Search Images Maps Play YouTube News Gmail Drive More »
Sign in
Screen reader users: click this link for accessible mode. Accessible mode has the same essential features but works better with your reader.

Patents

  1. Advanced Patent Search
Publication numberUS8164037 B2
Publication typeGrant
Application numberUS 12/567,740
Publication dateApr 24, 2012
Filing dateSep 26, 2009
Priority dateSep 26, 2009
Also published asDE112010003767T5, US20110073704, WO2011037660A1
Publication number12567740, 567740, US 8164037 B2, US 8164037B2, US-B2-8164037, US8164037 B2, US8164037B2
InventorsDavid D. Jenkins, Byron B. Taylor, David J. Markason
Original AssigneeRaytheon Company
Export CitationBiBTeX, EndNote, RefMan
External Links: USPTO, USPTO Assignment, Espacenet
Co-boresighted dual-mode SAL/IR seeker including a SAL spreader
US 8164037 B2
Abstract
In a co-boresighted SAL/IR seeker, the optical system and particularly the secondary lens and position of the SAL detector are configured to produce a well-corrected spot of laser energy at the SAL detector. A spreader is positioned between the secondary mirror/lens and the SAL detector, possibly on the secondary mirror, away from the aperture stop and not in the optical path to the IR detector. The spreader is configured to spatially homogenize the laser energy to increase the size of the spot of focused laser energy at the SAL detector to set the system transfer function to meet slope requirements. Spatial homogenization serves to reduce both boresight shift and slope non-linearities. This approach greatly simplifies the time and labor intensive calibration of the SAL detector's system transfer function.
Images(14)
Previous page
Next page
Claims(17)
1. A dual-mode SAL/IR seeker, comprising:
an IR detector configured to detect two-dimensional images of focused incident IR energy to generate at least one IR guidance signal;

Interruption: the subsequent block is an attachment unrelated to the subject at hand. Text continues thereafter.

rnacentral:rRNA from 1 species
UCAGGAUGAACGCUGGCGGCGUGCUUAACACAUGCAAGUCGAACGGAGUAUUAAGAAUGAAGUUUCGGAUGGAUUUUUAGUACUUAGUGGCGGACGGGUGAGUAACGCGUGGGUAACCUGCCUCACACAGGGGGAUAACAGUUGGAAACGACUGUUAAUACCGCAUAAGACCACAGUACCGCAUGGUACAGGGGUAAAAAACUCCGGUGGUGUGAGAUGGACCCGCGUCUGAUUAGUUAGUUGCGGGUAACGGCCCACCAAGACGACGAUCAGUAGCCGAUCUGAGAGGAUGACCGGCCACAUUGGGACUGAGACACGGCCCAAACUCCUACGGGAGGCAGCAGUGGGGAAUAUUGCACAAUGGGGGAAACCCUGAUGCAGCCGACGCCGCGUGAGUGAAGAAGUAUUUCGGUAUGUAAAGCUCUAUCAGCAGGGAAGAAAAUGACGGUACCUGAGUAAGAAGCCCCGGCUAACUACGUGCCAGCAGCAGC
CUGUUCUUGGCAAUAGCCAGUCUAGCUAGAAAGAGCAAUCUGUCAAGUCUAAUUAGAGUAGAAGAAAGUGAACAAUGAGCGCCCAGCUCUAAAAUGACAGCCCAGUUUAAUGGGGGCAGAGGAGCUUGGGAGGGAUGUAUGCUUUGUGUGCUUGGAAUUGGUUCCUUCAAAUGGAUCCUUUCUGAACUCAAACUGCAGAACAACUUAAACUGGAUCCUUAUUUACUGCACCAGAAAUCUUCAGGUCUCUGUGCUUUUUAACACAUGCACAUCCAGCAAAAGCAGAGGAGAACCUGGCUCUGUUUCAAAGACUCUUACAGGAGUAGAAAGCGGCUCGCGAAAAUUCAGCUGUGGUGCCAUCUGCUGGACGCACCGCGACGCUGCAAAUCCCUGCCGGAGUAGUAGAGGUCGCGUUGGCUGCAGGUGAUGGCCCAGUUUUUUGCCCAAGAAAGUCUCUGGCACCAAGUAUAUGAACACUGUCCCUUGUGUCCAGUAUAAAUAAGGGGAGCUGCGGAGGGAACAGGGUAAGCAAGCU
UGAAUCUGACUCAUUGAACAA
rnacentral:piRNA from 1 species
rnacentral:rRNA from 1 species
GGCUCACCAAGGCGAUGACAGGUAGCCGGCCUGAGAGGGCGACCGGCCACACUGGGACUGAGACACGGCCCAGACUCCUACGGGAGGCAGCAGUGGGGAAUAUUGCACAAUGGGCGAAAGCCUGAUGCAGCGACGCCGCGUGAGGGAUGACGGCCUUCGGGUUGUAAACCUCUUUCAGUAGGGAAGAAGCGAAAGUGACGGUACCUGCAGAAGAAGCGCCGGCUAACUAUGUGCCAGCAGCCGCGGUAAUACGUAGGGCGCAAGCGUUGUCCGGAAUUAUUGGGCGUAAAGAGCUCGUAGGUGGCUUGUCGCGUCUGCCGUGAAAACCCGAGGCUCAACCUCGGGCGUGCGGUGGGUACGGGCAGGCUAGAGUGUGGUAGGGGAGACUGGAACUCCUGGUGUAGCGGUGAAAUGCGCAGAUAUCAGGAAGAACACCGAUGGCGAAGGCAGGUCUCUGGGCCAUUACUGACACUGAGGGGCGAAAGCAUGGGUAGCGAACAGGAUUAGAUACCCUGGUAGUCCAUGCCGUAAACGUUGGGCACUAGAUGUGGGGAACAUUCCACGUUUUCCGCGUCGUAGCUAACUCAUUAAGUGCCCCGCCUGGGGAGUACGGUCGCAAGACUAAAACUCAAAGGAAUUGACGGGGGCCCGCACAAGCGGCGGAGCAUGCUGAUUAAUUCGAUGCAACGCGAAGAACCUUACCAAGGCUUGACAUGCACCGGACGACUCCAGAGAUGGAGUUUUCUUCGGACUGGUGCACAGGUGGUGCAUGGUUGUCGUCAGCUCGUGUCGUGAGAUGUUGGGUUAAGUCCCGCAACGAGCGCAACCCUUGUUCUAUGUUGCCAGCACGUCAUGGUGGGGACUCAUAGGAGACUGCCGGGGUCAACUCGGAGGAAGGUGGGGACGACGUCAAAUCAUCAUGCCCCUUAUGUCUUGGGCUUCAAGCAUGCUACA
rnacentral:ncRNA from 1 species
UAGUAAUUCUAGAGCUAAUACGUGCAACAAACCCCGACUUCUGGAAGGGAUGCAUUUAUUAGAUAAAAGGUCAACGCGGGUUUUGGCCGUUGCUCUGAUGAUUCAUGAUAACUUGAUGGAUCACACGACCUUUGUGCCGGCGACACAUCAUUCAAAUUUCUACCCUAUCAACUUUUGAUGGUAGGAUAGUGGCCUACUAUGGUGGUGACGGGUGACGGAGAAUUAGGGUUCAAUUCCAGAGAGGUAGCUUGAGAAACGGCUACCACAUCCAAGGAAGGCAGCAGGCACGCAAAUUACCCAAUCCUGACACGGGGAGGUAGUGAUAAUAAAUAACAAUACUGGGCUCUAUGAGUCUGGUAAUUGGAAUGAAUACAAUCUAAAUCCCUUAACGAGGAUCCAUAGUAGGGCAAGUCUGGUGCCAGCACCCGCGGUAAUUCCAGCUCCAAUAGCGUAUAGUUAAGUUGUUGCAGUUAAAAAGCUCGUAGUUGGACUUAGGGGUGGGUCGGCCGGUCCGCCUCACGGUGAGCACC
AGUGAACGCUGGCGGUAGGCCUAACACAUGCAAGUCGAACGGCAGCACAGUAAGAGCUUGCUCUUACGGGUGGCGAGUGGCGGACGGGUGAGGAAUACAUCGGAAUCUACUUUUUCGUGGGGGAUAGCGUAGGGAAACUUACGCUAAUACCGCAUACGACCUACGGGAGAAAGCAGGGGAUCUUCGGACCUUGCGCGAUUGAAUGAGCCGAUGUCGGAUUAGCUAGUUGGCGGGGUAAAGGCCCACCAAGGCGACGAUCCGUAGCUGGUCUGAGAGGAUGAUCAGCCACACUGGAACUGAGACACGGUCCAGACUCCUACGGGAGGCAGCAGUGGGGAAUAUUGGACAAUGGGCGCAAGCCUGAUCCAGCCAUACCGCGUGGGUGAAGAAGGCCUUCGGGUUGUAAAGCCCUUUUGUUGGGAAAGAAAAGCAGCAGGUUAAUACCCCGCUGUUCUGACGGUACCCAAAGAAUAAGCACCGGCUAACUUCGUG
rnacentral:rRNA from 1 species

a positionally-sensitive SAL detector having a system transfer function that converts the spatial displacement of a spot of focused laser energy to a target bearing to generate at least one SAL guidance signal;
a primary mirror having a common aperture for collecting and focusing laser energy and IR energy along a common optical path;
a secondary mirror/lens in the common optical path that creates a central obscuration of the common aperture, said secondary mirror/lens having an aft side facing the primary mirror and a forward side, wherein the aft side is a secondary mirror configured to permit propagation of laser energy there through to the forward side along a first optical path to the SAL detector and to reflect IR energy along a second optical path to the IR detector, said primary and secondary mirrors configured to focus the IR energy to form the two-dimensional images at the detector,
wherein the forward side of the secondary mirror/lens is a lens element, said lens element configured and said SAL detector positioned to form a spot of focused laser energy on the SAL detector; and
a spreader positioned in the first optical path between the secondary mirror and the SAL detector away from the aperture stop at the primary mirror and not in the second optical path between the secondary mirror and the IR detector, said spreader configured to spatially homogenize the laser energy to increase the size of the spot of focused laser energy on the SAL detector to set the system transfer function.
2. The dual-mode SAL/IR seeker of claim 1, wherein the primary mirror has an outer diameter of at least 3 inches.
3. The dual-mode SAL/IR seeker of claim 1, further comprising a mounting structure that supports the secondary mirror/lens off of the primary mirror, said mounting structuring obscuring the transmission of laser energy from the common aperture to the SAL detector.
4. The dual-mode SAL/IR seeker of claim 1, further comprising:
a dome that is transmissive of laser energy and IR energy; and
a two-axis gimbal that slews an optical system comprising at least the primary mirror, secondary mirror/lens, SAL detector and spreader about a longitudinal axis through the center of the dome, said gimbal slewing the optical system to an extent that the common aperture experiences vignetting at the edges of the dome obscuring the transmission of laser energy to the SAL detector.